Them by Ben Sasse

I finished reading Ben Sasse‘s book Them: Why We Hate Each Other – And How to Heal this past Thursday.  I picked up this book because one of my research interests is the process of othering or creating The Other.

The author, Ben Sasse, is  the newwest Senator from NEbraska, having just been elected in 2014.  Sasse frames his argument for how we’ve gotten to the current state of othering within an s discussion of loneliness as a central condition and a need for tribes to surround ourselves.  He points out one of the biggest problems resulting in othering is a result is the current state of politics.

The book discusses this concept of politics with the introduction one of my favorite new words:  polititainment. Sasse uses this term to describe how the talking heads on tv, particularly on Fox News and MSNBC, create a false political dichotomy of extreme rights and extreme lefts that cannot work together and/or meet in the middle, which exists solely for personal profit and fame of the talking heads.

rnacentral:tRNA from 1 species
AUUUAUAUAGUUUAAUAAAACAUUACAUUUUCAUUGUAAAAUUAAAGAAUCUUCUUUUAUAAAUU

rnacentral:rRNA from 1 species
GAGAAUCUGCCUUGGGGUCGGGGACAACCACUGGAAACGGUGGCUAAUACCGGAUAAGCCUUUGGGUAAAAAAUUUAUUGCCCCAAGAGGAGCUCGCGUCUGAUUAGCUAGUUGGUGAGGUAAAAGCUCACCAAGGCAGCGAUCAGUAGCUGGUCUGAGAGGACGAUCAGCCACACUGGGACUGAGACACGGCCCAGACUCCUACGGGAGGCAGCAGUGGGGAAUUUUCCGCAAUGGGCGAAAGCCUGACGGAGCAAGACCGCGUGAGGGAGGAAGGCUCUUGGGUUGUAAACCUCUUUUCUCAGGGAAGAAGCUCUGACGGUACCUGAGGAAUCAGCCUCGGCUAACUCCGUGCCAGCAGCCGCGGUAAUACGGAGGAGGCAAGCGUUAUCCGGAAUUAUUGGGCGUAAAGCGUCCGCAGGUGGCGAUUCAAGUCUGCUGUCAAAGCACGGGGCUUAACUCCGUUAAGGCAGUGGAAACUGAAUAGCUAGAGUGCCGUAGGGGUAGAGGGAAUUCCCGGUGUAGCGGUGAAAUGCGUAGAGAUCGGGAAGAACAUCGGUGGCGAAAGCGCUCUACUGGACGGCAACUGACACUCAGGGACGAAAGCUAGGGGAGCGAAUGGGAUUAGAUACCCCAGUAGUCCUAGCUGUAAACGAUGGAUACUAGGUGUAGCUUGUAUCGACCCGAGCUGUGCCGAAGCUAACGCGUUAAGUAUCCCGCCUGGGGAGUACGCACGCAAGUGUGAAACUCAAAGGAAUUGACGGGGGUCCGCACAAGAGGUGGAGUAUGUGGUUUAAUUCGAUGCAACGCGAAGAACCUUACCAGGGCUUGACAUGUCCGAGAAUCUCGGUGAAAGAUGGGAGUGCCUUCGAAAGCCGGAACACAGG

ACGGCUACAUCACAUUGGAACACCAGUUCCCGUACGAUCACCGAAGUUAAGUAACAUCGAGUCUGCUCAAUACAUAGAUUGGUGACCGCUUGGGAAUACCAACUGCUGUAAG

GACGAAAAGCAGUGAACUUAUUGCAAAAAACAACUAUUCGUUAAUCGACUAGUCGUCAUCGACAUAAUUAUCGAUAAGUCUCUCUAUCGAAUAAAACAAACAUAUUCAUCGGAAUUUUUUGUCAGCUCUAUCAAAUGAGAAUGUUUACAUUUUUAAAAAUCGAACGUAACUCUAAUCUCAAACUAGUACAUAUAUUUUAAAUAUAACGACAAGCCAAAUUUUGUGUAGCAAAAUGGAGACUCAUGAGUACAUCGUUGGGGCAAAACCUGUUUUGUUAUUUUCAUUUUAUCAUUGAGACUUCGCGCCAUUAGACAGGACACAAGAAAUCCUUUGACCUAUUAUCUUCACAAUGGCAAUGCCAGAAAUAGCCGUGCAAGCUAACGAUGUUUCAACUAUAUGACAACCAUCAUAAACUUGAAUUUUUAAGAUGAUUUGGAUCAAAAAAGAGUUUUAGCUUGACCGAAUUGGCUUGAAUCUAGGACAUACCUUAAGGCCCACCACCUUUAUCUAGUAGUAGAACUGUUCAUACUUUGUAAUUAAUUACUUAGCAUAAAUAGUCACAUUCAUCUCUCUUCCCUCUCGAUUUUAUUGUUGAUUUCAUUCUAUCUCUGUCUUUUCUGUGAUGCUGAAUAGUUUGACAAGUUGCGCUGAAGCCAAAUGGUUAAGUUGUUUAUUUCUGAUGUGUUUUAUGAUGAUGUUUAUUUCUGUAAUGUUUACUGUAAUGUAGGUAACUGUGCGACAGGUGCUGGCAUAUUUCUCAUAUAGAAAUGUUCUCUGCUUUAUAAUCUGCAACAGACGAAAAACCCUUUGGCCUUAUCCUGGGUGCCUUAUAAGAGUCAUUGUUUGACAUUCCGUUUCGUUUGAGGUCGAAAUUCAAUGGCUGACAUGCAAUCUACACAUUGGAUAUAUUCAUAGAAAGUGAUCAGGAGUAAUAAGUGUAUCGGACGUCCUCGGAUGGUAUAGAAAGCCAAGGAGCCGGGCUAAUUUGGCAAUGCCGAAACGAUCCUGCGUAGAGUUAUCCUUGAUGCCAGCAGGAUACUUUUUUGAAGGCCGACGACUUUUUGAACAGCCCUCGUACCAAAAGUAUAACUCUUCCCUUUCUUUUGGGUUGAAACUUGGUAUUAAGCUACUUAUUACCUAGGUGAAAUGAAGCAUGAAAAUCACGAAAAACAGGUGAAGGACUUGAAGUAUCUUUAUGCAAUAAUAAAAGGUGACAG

Part of his solution offering is to look at things in a new way.  On the surface, this is a good offering.  However, as his initial discussion involves the issue of loneliness, the discussion deviation into the area of discussing how people need to adapt to a new and changing sharing economy and the reduction of personal ownership appears to create more potential for othering and separating people rather than bringing them together.

Sasse ends his discussion of his particular concept of othering by offering up a pair of definitions to differentiate between politics and civics.  He defines politics as being “about the use of power” and civics as being “about who we are as a people” (245).

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